Review | Ripple by Heather Smith Meloche

Ripple by Heather Smith Meloche
Young Adult
Published on September 20th, 2016
ARC from Penguin First to Read



Book Blurb: 

When their too-adult lives lead them down self-destructive paths, these broken teens find a way to heal in this YA novel perfect for fans of Ellen Hopkins.

With her impossible-to-please grandmother on her back about college and her disapproving step-dad watching her every move, Tessa would do anything to escape the pressure-cooker she calls home. So she finds a shot of much-needed power and confidence by hooking up with boys, even though it means cheating on her boyfriend. But when she’s finally caught red-handed, she’ll do anything she can to cover up what she’s done.

Jack is a prankster who bucks the system every chance he gets—each transgression getting riskier and riskier. He loves the thrill, and each adventure allows a little release because his smug smile and suave demeanor in the face of authority doesn’t make life at home with his mom any less tough. He tries to take care of her, but the truth is he’s powerless in the face of her fragile mental health. So he copes in his own way, by defacing public property and pulling elaborate pranks, though he knows in the end this’ll only screw up his life even more.

As they both try not to let their self-destructive patterns get the best of them, Tessa and Jack gravitate toward one another, discovering the best parts of themselves in the process. An honest portrayal of the urges that drive us and finding the strength to overcome them.

| Review |

Picking up a YA book always makes me feel giddy and hopeful, and since Ripple has been on my to be read list for what feels like forever, that was especially true with this one. I couldn’t wait to get my greedy hands on it!

I fell for Jack instantly. He was one of those bad boys you waited to see walk through the classroom door Monday morning, disappointed if they didn’t. You just waited to see what they would do or say next. But Jack had a lot of substance—he was caring and compassionate, as evidenced first with his mother and father, and then again with Tessa and Emma. If he wasn’t working to support his mother and himself, Jack was making sure she was taken care of. His life was full of immense pressure, and he was dealing the only way he thought he could. I loved the evolution of Jack’s relationship with the Officer Fogerty of the local police department, and how at first the officer saw Jack as a punk troublemaker, but once he learned Jack’s story, he was the first to go to bat for him.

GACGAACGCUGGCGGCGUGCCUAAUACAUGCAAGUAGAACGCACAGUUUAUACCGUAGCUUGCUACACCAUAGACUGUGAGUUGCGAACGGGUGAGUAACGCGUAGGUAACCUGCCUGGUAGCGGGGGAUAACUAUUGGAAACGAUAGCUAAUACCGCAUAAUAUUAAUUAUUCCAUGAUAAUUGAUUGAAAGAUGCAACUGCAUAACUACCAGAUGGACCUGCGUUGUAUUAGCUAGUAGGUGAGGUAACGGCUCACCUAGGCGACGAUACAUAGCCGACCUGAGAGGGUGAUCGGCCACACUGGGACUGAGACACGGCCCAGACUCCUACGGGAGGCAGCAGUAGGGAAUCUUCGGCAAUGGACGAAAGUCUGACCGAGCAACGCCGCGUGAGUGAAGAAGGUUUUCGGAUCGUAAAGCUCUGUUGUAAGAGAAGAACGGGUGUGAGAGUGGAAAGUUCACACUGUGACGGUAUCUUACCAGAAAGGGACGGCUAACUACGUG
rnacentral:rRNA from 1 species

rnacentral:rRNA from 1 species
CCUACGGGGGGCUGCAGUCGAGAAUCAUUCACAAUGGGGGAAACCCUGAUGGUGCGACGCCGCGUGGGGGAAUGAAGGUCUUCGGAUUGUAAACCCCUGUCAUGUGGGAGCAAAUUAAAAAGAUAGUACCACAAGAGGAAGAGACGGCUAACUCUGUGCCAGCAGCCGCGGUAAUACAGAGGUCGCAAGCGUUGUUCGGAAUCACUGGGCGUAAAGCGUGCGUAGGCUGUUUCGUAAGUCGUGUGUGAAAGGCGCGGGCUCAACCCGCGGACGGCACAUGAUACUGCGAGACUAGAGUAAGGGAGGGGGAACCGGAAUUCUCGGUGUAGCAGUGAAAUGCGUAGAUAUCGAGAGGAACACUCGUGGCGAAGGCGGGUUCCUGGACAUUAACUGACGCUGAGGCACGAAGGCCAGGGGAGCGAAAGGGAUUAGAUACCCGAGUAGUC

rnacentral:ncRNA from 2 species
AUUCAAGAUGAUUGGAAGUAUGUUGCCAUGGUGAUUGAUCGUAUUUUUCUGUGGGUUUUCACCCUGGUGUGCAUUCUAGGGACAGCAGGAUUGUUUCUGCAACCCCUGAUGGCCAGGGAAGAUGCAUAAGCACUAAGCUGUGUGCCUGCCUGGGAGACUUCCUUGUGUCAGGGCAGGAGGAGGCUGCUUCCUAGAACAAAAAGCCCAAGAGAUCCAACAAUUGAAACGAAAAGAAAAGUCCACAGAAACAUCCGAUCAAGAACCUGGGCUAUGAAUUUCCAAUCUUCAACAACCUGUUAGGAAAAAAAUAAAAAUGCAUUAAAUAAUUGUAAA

I liked Tessa well enough, but she didn’t stand out to me like Jack did. And I think one of the reasons was the first person POV. I really struggle with this POV when a character is so insightful about their own behavior. I can’t always buy it, and that’s what happened with Tessa. Her self-awareness is something I feel would have come a bit later down the road when she was looking back on her past. I did feel for her and her situation – her family really had her between a rock and a hard place, and Tessa just couldn’t see a way out.

I really like the uneasy solace they find with each other. Tessa is weary of Jack because everyone in her life wants something from her, and Jack is put off by the fact that Tessa has a boyfriend. But he can’t stop his attraction to her. I thought the pacing of this one was great. Something was always happening, and the secondary characters really added to the story and told us more about the main characters. My only criticism is that there were too many things wrapped up too neatly in this one. I like some loose threads in my YA, because the characters are just on the verge of adulthood, and there are so many decisions and plans still to be made. There were some surprises I didn’t see coming, and overall I thought this was an enjoyable read. I’d definitely recommend Ripple if you’re a fan of the Young Adult genre.

| Rating |


| Buy Links |

amazon-2     barnes-and-noble-2


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